Death of railway transport blurs Kenya’s pathway to Vision 2030
3 April 2012
Business Daily - April 2, 2012
About 160 kilometres northwest of Nairobi, dozens of police officers on duty at Nakuru Railway Station take turns each day physically searching travellers before freeing them to proceed to their destinations.
Screening some of the approximately 100,000 passengers who pass through Kenya’s fourth largest town by road each day has become an important aspect of these officers’ routine for the last five years.
Yet when this station was established several decades ago, its mandate was security of the railway fleet—together with train passengers and cargo anticipated from Rift Valley and western Kenya.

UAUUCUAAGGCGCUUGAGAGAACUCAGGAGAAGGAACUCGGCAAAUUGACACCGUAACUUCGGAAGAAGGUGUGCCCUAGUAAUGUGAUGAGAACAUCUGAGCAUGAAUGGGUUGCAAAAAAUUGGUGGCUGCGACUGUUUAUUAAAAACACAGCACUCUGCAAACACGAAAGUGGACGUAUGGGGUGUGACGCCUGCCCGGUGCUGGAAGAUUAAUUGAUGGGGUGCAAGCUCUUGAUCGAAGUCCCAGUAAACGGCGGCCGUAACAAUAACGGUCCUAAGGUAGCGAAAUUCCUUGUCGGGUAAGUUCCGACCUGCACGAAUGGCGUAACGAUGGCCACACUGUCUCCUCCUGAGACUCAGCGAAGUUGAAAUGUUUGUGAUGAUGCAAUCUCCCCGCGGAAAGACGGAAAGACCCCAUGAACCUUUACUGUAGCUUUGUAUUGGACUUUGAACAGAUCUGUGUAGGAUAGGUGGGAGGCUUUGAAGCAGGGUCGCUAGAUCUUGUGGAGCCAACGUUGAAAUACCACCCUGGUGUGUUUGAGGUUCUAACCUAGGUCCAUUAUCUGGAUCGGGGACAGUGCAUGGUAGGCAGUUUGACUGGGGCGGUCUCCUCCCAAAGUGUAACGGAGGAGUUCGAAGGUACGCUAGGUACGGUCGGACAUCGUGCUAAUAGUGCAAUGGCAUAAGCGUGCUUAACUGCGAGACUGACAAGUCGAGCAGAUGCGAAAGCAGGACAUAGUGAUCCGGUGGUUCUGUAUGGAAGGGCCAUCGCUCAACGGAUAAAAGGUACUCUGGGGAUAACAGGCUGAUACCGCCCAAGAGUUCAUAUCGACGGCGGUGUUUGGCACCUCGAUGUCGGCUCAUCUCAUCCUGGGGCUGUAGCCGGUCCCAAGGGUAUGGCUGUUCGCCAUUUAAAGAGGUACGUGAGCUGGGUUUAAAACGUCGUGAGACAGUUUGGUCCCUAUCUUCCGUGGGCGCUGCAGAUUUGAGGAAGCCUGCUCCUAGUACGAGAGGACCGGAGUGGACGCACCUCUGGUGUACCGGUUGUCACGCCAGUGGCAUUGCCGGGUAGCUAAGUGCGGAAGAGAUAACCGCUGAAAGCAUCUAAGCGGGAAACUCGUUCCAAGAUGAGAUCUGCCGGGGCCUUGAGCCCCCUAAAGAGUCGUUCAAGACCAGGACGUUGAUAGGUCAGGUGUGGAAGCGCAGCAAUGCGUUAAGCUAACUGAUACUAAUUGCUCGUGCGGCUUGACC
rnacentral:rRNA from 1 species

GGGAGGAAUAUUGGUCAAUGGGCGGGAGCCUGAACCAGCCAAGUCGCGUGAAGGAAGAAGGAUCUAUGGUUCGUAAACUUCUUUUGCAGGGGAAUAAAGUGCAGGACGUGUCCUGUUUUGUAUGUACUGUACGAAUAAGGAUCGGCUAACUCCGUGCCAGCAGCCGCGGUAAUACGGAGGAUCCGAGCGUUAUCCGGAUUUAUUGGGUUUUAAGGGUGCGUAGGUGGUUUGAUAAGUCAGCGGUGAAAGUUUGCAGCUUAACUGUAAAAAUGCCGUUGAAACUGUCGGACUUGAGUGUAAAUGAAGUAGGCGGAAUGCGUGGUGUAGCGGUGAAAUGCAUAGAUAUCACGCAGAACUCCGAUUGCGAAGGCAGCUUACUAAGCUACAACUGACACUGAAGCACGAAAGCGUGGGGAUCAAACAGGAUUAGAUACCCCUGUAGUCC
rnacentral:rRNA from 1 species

“We are not here as a specialist railway force unit but as a regular police post whose officers take part in every general efforts to combat crime,” one of the officers told Business Daily.
To some extent, the Nakuru case highlights the gradual decline of the country’s railway transport network which began in 1980s, crippling one of Kenya’s oldest transport infrastructures.